Installing Windows 10 on Dell XPS 12

I tried to install Windows 8.1 as well as other version of Windows on my Dell XPS 12 in recent months and failed repeatedly. I couldn't get the USB thumb drive to be recognized. Early on I found Mike Taulty's post that sounded exactly like my problem. I've been a reader of Mike's stuff for a long time so I thought for sure this would fix my issue. I followed the instruction (or so I thought), and it didn't work for me. Well, it turns out, I did not follow his instructions. The short version of Mike's post is that with Windows 8 and the XPS 12 specifically there's all kinds of new stuff going on with UEFI and Secure Boot, but the core problem is your thumb drive will not be recognized by UEFI if it's not FAT32. I formatted my thumb drive as FAT32 and then ran it through my trusty install of Windows USB/DVD Download Tool to get a bootable USB of my Windows media. Well, it turns out this tool reformats the drive for you at the beginning of it's routine and does it was NTFS (not FAT32).

Here's what I did to get my USB Thumb Drive primed for installation of Windows 10 on my Dell XPS 12:

  1. Open a command prompt with elevant privs
  2. Execute diskpart.exe and perform the following commands:
  3. DISKPART> list disk -- find your disk
  4. DISKPART> select disk 2 -- mine was 2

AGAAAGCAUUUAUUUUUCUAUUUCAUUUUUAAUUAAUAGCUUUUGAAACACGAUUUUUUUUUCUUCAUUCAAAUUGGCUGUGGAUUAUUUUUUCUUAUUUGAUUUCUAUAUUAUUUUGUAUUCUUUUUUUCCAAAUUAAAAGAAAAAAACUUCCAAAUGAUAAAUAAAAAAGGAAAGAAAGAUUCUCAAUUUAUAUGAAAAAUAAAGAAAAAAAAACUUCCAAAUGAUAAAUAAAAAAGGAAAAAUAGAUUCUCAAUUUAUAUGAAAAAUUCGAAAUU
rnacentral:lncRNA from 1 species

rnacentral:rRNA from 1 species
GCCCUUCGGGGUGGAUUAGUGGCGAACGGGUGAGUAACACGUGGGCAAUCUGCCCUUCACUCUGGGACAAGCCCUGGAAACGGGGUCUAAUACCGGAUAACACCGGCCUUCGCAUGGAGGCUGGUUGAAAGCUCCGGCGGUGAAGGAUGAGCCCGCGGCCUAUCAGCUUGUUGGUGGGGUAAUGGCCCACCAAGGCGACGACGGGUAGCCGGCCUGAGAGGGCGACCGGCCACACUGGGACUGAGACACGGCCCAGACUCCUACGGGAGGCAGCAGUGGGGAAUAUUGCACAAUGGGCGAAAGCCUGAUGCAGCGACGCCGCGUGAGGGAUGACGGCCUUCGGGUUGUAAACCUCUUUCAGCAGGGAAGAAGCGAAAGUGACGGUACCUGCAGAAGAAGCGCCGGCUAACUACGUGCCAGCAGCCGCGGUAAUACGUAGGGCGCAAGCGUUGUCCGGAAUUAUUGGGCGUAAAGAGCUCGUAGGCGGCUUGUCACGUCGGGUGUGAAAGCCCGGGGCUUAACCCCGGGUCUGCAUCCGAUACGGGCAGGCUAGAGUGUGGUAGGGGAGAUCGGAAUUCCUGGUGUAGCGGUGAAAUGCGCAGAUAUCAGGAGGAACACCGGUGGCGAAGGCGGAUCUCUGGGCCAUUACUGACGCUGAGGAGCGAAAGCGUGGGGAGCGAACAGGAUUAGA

5. DISKPART> clean
  6. DISKPART> create partition primary
  7. DISKPART> select partition 1
  8. DISKPART> active
  9. DISKPART> format quick fs=fat32
  10. DISKPART> assign
  11. DISKPART> exist
  12. Mount your Windows 10 .iso using your favorite utility - mine is Virtual Clone Drive
  13. copy all of the Windows media from the mounted .iso to your newly formatted FAT32 thumb drive. a handy xcopy command for doing this:

xcopy g:* h:\ /s /e -- where g: is your iso mount and h: is your thumb drive

With all this done, you should know be able to hit F12 to enter boot options and have the UEFI find your USB thumb drive.

Some of my research suggested you needed to first disable Secure Boot, enter boot options (F12), pick your USB Thumb Drive, and then re-enable Secure Boot. I didn't have to do that, but several reported having to do so. Your mileage may vary.

Hope this helps someone else... like my boss Scott Prugh who will someday ask me for all this information.

Kelly Brownsberger

Kelly Brownsberger

I'm a passionate technologist, father, husband, and life long learner. I know how to laugh and try to always leave things better than I found them.
Photo by Blake Richard Verdoorn on Unsplash